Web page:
One of the ways in which that learning can impact the delivery of events and refocus the minds of organisers on sustainability goals is to run an audit on the plans for an event. Break it down into constituent parts – venue, energy requirements, food and drink, media to be utilised at the event – and ask yourself if each aspect is being delivered in the most sustainable manner possible. If a future event is still too early in the planning stages for an audit of this kind, run one on an equivalent event from the past, asking yourself how you might have done things better.
Choosing a Location
Few things are more fundamental than the venue chosen for an event. This can even be applied to the city in which the event is held. The CDP is an international non-profit organisation that helps companies and cities disclose their environmental impact. For organisers, it is a valuable source of information on cities across the globe, providing information such as a list of those cities in which at least 70% of electricity is supplied from renewable sources. None of these cities are in the UK, although 80 have committed to switching to 100% clean energy by 2050, the site also breaks down the degree of renewable energy in use in many cities across the UK, enabling event’s organisers to select a location which can be sold to attendees on the basis of sustainability.
Choosing a Venue
The same thinking applies to choosing a venue within any city, and the Visit England website is just one place where it’s possible to find a list of venues that market themselves on the sustainability they embody. Another aspect of the venue that will feed into sustainability is the transport options serving it. If a venue boasts good links to the rail network, for example, then this information could be included within any invites to the event in order to encourage attendees to travel other than by car.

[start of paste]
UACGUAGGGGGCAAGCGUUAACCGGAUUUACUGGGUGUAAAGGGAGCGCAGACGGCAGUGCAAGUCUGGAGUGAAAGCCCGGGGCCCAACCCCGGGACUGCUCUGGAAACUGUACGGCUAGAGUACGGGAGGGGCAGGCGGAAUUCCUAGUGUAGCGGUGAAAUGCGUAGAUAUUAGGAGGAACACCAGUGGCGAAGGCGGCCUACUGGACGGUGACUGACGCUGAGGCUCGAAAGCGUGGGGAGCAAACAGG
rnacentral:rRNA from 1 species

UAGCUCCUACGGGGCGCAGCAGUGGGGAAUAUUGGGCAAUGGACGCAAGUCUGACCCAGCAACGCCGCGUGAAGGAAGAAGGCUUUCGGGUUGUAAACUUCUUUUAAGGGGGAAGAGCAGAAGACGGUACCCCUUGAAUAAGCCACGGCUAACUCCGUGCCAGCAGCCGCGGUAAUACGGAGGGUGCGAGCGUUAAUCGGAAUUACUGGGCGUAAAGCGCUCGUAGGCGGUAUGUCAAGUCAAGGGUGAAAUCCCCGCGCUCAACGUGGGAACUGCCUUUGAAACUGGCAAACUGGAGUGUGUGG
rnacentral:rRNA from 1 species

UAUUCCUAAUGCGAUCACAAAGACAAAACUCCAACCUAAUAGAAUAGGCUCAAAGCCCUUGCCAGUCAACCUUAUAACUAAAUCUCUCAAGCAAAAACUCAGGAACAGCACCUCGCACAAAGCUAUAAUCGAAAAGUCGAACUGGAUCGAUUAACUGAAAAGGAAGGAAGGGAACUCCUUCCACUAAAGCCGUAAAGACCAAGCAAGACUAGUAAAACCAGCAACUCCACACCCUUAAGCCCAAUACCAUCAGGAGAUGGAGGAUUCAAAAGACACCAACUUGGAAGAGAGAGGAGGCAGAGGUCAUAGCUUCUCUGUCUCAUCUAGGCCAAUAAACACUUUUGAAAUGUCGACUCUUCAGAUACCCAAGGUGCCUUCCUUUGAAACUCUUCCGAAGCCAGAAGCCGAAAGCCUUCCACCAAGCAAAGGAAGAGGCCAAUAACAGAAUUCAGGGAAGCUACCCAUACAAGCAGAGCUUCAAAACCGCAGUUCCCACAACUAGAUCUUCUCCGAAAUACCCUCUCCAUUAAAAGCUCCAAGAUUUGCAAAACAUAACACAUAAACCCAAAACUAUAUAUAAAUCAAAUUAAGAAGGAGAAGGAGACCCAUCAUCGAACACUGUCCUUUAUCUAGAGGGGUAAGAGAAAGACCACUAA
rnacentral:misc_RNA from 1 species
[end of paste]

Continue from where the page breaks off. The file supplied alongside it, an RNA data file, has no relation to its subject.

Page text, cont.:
Source from suppliers which are as local as possible and emphasise plant-based choices as much as possible. Even if the demographic of attendees militates against a completely meat-free diet, persuading guests to opt for vegan or vegetarian food as far as possible will make a difference to the sustainability of an event.
If you’re still wondering how to make your 2022 events as sustainable as possible, a powerful source of inspiration could lie in looking around at some recent large scale events which have gone to great lengths to render themselves as sustainable as possible. These include:
- The Shambala Festival, Northamptonshire, has reduced its carbon footprint by 81% over 5 years and uses 100% renewable energy sources.
- The Green Gathering, Chepstow, has a recycling rate of 73% and utilises renewable energy and organic food and drink.
- Latitude, in Southwold, which sends zero waste to landfill, recycling 59% and sending the rest to create energy, uses recyclable cups in all bars and, for every guest arriving in an official Big Green Coach the festival sponsors and protects five square feet of Amazon rain forest for ten years.
Here at Marble, we place sustainability at the forefront of our event concepts and deliverability, it is much more than a tick box mentality and very much a cornerstone of the planning process.
If you are looking to make the events in your marketing schedule this year more environmentally friendly, get in touch today we would be more than happy to share our knowledge.